Suddenly my life as a support engineer had changed, the honeymoon period was over, except I didn’t know I was on a honeymoon. Lead time to resolve CSRs became longer, there was now discussions as to who is responsible for the problem, support engineers on both the operator side and vendor side had to justify all activities. It became a case of vendors and operators sweating their assets, which in this case was the support engineers.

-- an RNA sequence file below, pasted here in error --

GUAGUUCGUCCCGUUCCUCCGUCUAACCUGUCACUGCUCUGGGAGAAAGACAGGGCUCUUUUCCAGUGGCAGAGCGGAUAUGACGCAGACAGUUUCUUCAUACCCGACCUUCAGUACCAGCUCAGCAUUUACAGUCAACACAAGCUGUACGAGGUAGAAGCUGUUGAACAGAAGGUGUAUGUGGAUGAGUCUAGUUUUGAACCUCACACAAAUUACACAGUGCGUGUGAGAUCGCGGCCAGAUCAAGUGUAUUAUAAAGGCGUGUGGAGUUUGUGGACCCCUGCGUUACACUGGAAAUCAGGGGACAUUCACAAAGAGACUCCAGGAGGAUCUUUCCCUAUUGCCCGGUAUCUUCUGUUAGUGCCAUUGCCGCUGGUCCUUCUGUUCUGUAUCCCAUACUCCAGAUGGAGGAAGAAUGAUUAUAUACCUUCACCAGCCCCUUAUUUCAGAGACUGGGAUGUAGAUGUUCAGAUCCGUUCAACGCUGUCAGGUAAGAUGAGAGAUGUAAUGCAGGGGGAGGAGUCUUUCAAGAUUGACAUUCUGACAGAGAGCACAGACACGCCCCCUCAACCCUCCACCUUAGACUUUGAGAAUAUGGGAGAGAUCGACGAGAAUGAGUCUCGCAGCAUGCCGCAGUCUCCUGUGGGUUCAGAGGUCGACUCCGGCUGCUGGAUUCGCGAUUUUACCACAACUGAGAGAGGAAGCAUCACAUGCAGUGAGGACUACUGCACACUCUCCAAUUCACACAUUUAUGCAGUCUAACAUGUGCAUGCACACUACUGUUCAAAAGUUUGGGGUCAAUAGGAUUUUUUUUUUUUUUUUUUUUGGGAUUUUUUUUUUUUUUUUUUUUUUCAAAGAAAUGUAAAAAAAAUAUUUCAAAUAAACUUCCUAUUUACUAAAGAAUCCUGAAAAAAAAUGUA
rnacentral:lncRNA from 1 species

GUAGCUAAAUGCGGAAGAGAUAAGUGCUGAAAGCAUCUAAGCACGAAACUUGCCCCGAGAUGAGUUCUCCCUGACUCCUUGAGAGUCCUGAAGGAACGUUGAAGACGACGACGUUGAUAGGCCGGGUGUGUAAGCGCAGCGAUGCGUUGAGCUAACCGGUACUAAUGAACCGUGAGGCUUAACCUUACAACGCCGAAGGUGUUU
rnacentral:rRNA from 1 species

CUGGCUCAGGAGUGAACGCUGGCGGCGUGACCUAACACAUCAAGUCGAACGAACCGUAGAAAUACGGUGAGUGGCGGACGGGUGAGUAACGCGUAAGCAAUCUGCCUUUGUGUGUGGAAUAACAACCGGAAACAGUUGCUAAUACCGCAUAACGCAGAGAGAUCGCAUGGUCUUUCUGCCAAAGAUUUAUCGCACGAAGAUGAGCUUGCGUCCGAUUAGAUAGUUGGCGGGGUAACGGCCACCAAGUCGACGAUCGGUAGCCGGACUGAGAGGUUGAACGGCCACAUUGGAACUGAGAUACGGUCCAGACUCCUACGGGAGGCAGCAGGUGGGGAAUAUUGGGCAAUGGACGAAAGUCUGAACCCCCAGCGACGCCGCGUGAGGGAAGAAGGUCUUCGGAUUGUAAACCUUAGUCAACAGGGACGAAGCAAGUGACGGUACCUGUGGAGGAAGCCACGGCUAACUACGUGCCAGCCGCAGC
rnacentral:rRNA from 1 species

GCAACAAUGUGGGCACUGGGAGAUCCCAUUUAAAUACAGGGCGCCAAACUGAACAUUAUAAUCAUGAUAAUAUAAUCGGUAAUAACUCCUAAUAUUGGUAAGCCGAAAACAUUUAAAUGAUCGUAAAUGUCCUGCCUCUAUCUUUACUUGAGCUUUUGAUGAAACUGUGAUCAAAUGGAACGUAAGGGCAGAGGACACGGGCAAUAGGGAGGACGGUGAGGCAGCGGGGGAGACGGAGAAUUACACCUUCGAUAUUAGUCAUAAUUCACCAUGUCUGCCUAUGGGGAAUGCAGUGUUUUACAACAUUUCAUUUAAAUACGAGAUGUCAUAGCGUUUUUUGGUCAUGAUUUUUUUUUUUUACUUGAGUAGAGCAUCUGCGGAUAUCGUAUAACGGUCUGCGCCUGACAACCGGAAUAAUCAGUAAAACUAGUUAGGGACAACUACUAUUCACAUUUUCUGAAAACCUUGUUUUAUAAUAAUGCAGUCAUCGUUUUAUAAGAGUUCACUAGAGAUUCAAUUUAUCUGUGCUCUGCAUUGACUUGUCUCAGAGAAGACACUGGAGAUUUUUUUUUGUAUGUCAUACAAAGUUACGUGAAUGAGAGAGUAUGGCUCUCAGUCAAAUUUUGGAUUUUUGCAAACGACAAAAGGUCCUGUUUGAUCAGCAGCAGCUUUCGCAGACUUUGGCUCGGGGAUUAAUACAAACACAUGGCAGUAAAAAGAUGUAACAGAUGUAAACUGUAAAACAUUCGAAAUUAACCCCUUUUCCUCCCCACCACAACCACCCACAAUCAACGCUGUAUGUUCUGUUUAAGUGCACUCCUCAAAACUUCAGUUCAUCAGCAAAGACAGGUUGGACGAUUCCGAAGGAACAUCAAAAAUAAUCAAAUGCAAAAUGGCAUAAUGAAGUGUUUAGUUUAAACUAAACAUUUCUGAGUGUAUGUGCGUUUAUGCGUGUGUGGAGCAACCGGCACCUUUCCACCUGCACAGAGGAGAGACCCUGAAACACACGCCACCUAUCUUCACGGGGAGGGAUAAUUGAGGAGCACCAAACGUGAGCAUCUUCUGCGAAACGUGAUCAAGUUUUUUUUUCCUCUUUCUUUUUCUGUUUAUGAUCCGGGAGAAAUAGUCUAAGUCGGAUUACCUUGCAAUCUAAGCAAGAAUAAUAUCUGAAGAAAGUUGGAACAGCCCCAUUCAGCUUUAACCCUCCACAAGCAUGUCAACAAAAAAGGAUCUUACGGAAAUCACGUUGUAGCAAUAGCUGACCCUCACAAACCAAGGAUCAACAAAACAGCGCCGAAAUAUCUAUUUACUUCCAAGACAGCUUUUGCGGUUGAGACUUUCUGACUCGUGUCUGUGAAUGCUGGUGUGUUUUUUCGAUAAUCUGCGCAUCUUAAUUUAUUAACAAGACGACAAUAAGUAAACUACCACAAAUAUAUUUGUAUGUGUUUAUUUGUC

However, network quality had to be maintained so the engineers had to overcome and deal with the new reality. This was a challenge but one aspect that was still an advantage to the operator was that in most situations they were still dealing with one main vendor, one vendor one SLA. -vendor multi SLA environments bring another layer of complexity to the task of keeping a network alive and breathing. It has become more common in recent years for an operator to involve more than one vendor however there are still a large number recognizing the benefits both commercially and technically of betting on one vendor. However, once again, due to the intervention of governments that is about to change.